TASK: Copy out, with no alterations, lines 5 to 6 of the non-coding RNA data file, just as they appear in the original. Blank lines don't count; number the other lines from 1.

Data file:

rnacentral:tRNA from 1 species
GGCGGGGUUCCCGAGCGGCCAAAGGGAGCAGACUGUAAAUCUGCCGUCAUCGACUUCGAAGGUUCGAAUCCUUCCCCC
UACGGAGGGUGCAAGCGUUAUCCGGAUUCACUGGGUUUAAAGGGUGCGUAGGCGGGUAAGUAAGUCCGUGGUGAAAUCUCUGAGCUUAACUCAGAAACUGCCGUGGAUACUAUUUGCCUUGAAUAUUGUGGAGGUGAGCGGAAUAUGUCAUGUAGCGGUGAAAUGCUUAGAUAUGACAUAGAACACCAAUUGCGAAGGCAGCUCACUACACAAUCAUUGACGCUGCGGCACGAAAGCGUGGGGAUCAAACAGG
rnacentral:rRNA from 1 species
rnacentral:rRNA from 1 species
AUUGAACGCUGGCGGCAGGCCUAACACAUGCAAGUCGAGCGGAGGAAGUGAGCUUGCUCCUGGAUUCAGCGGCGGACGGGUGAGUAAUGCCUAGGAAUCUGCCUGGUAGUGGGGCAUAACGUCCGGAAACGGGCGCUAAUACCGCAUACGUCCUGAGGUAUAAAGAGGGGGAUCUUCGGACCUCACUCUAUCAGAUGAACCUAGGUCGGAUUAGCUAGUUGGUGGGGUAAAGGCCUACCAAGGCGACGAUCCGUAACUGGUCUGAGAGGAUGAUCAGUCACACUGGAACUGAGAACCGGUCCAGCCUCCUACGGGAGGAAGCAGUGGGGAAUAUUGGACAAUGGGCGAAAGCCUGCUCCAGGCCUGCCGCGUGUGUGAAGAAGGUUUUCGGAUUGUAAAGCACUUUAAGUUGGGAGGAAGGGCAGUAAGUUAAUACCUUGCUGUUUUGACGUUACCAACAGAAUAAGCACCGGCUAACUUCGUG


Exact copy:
rnacentral:rRNA from 1 species
AUUGAACGCUGGCGGCAGGCCUAACACAUGCAAGUCGAGCGGAGGAAGUGAGCUUGCUCCUGGAUUCAGCGGCGGACGGGUGAGUAAUGCCUAGGAAUCUGCCUGGUAGUGGGGCAUAACGUCCGGAAACGGGCGCUAAUACCGCAUACGUCCUGAGGUAUAAAGAGGGGGAUCUUCGGACCUCACUCUAUCAGAUGAACCUAGGUCGGAUUAGCUAGUUGGUGGGGUAAAGGCCUACCAAGGCGACGAUCCGUAACUGGUCUGAGAGGAUGAUCAGUCACACUGGAACUGAGAACCGGUCCAGCCUCCUACGGGAGGAAGCAGUGGGGAAUAUUGGACAAUGGGCGAAAGCCUGCUCCAGGCCUGCCGCGUGUGUGAAGAAGGUUUUCGGAUUGUAAAGCACUUUAAGUUGGGAGGAAGGGCAGUAAGUUAAUACCUUGCUGUUUUGACGUUACCAACAGAAUAAGCACCGGCUAACUUCGUG